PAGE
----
Johnson v. Griffin, No. 23-5257 (6th Cir. 2023)

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Justia Opinion Summary

While Johnson, CEO of VisuWell, had dinner at a Franklin, Tennessee hotel, 40-50 teenagers taking prom pictures created a disturbance. Johnson asked the chaperone to settle them down. One teenager, wearing a red prom dress, confronted Johnson, while his boyfriend filmed the interaction. The video captures Johnson saying that the student in the dress “look[s] like an idiot.” Johnson left. The boyfriend posted the video to TikTok and it was reposted to Twitter. VisuWell’s Board assured Johnson that VisuWell would stand by him. Days later, the celebrity Kathy Griffin retweeted the clip to her two million followers: “If this is Sam Johnson in Nashville, Tennessee, the CEO of @VisuWell, healthcare-tech-growth strategist, married to Jill Johnson where they may reside in Franklin, Tennessee, it seems like he’s dying to be online famous,” with a caption: “Homophobic POS in Tennessee harasses a teenager for wearing a dress to prom.” Later, Griffin tweeted pictures of Johnson with the caption: THIS Sam Johnson of Franklin Tennessee. Several VisuWell customers threatened to reevaluate their business ties. VisuWell fired Johnson and announced this decision in a reply to Griffin’s original tweet. Griffin then warned against keeping him on the Board.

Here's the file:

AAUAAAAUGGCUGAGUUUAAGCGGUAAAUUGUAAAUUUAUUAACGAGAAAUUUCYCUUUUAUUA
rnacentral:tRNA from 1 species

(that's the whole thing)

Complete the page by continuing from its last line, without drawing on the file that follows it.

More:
Johnson sued Griffin in federal court. The district court dismissed the lawsuit for lack of personal jurisdiction. The Sixth Circuit reversed. Griffin’s repeated emphasis of Johnson’s residence and VisuWell’s home base indicates that she knew that the “focal point” of her tweets concerned Tennessee.